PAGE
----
ITA-1503 Single Hawley Retainer (upper OR lower)
When using this dental retainer, a metal wire shows, unlike the “Essix” retainer (which is clear or ‘Invisible’).
When one smiles others are able to see the dental retainer wire.
Retainers are used solely to retain/hold current tooth position. They’re not designed to move teeth, only the Invisible Aligners are designed to move teeth.
retainers with the wire across the front teeth are used mostly to keep teeth from shifting, but can also be used to move teeth; That type is called a ‘Hawley with Finger Springs’. Finger Springs are small clasps that add pressure to one side of the tooth, “moving” it along the retaining wire.
Research shows that without long-term use of a retainer, teeth show a natural tendency to shift or drift away from their straightened position.
We save customers hundreds of dollars by sending them a “Teeth Impression Kit” – avoiding another “TRIP TO THE DENTIST”. The cost of these retainers at a dental office ranges from $400 to $700 and usually includes a full examination.
Retainers do not move teeth; they simply keep teeth in their current position & eliminate further crowding. By wearing these for just 30 minutes per day, it will prevent teeth from rotation or migration. These retainers are made of the same materials that dentists use and manufactured by the same lab as well.
- Have you lost or broken your retainers?
- Has one of your front teeth slightly moved?
- Do you grind your teeth at night?
- Want your teeth PROFESSIONALLY whitened?
- Maybe your missing a tooth or have a small gap between your teeth you would like to close?
When you’ve completed the moving (aligning) part of your treatment, you’re ready for the holding (retaining) part! The next few months will be a critical part of your treatment! Your Invisible OR ‘Hawley’ Retainer is designed to hold your teeth in their corrected position until the bone surrounding the roots of the moved teeth “fill in” and make them “solid.” If we do not retain (or hold) following orthodontic tooth movement, the teeth will move back to their old positions and all that time wearing braces would be wasted.
If your retainer is going to do the job, here are the things you must do:
Wear your retainer as instructed!
Lifetime: As an insurance policy it is recommended to wear your retainer at night indefinitely (or more importantly as your doctor instructs). Simply use your retainer as a template and try it in. If it feels tight, wear it for the night.
Remove your retainer from the back hook – not from the front.
How to Clean Retainers:
One of the biggest challenges to wearing retainers (and even Invisalign-type aligner trays) is keeping the retainers and aligners clean. Bacteria build up on the retainers and aligners the same way that they build up on teeth. If you don’t keep your aligners clean, very quickly you will notice that they smell bad and have an ugly layer of white gunky film. If you don’t clean your retainers or aligners properly, the film will harden and become almost impossible to remove. This is true for all types of retainers (plastic and wire Hawley retainers, clear Essix retainers, aligner trays, snoring and bruxism devices, etc).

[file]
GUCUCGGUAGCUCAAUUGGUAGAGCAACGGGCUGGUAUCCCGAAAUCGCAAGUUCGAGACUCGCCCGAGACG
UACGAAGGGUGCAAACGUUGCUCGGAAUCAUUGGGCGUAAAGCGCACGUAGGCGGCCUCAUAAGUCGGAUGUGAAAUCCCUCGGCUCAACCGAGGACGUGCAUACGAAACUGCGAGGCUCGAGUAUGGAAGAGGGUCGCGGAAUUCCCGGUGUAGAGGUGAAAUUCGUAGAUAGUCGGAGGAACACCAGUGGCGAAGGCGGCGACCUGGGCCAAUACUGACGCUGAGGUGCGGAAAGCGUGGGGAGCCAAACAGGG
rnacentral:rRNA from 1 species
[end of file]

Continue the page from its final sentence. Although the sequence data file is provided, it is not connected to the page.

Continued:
How can you keep your retainers clean and odor free? There are several ways.
Always rinse your retainers in warm water after taking them out of your mouth. Before putting your retainer into a retainer case, give it a quick rinse. This will wash away some of the surface bacteria. Do not use an anti-bacterial hand wipe on your retainer. The chemicals in antibacterial hand wipes may be toxic if they are put into your mouth!
The easiest method for cleaning retainers is the good old-fashioned toothbrush. If you have a plastic and wire Hawley retainer, you can brush it with toothpaste on a soft toothbrush. However, this method is not recommended for Invisalign-type clear aligner trays or clear Essix retainers (which look like aligner trays). The toothpaste can scratch the clear plastic and over time, your retainers will not be “invisible” anymore. Use listerine instead.
Some people use denture cleaning tablets to clean their retainers or aligners. This will seem to work at first, but over time the harsh chemicals in the denture tablets will turn your retainer yellow. This is because the denture tablets are strongly formulated to clean false teeth, not retainers.
Take care of your retainers: Clean with soap, water and Q-Tips. Efferdent® works fine, too. Don’t brush the appliance with toothpaste; it dulls the brilliance. Keep them away from pets – they love to chew on them. Don’t use hot water or place near hot surfaces; this can distort the shape of your retainer. You may remove your retainer while swimming in a lake or ocean.
No flipping: Avoid flipping the retainer with your tongue or chewing on your retainer. This can cause damage to your teeth and retainer.
NEVER wrap the retainer in a napkin or tissue, as they may be thrown away. Always store the retainer in its case (not your pocket).
Speech: You may notice a difference in your speech at first. However, in 2 or 3 days, your speech will become normal. The plastic taste of the new appliance will soon disappear.
Return to your family dentist for an examination and cleaning. Keep your appointments: You will have fewer office visits but checking your retainer is still very important. Always remember to bring your retainer to every appointment.